The software, which was designed to be activated if the school-issue Apple MacBooks were missing or dues were unpaid, was found to have recorded thousands of images of schoolchildren in their homes.
The case came to light after a fifteen year old pupil was punished for apparently taking drugs at home (they turned out to be candy), using pictures taken from the laptop as evidence. His parents sued and it was disclosed that the software was in widespread use by the school.
"After a thorough review of the evidence in this matter, the Federal Bureau of Investigation, the Montgomery County District Attorney's Office, the Montgomery County Detectives, and the Lower Merion Police Department, I have concluded that bringing criminal charges is not warranted in this matter," US Attorney Zane Memeger said in a statement.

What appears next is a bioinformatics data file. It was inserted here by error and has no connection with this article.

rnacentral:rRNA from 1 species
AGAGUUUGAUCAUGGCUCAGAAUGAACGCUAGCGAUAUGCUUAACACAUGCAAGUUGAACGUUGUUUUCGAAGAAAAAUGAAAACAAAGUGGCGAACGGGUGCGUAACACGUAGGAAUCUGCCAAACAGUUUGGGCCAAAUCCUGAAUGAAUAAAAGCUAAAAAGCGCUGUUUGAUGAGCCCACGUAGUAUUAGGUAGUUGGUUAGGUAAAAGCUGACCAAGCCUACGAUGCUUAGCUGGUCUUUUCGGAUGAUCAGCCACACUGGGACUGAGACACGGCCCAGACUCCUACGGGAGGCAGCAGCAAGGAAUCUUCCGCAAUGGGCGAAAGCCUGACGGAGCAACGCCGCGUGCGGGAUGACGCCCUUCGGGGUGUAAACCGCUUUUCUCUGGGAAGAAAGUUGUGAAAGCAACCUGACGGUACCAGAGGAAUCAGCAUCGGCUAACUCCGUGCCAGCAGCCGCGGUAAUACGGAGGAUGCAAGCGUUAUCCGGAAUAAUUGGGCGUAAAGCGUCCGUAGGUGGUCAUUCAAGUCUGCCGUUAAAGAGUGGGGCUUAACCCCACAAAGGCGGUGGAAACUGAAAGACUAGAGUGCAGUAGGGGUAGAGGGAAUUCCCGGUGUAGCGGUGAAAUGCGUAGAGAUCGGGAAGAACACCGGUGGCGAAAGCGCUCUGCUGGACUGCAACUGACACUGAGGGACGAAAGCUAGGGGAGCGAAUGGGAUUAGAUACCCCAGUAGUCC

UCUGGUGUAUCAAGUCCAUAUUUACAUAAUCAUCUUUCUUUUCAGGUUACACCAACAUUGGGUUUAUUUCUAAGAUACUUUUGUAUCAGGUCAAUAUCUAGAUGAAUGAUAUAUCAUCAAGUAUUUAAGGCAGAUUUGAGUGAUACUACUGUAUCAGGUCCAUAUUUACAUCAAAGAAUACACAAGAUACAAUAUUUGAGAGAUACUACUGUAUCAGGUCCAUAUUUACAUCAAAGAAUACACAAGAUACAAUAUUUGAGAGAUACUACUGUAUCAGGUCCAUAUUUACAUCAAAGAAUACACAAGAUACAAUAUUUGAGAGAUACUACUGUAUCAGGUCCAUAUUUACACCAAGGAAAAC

"For the government to prosecute a criminal case, it must prove beyond a reasonable doubt that the person charged acted with criminal intent. We have not found evidence that would establish beyond a reasonable doubt that anyone involved had criminal intent."
Memeger said that he wanted to make the announcement to clear the air before the start of the school year. The software has now been removed from the laptops.
The case inspired US Democratic senator Arlen Specter to propose a new law that would make such spying illegal, which is currently under consideration. The civil suit against the school district is still pending, and a second pupil has joined the case.
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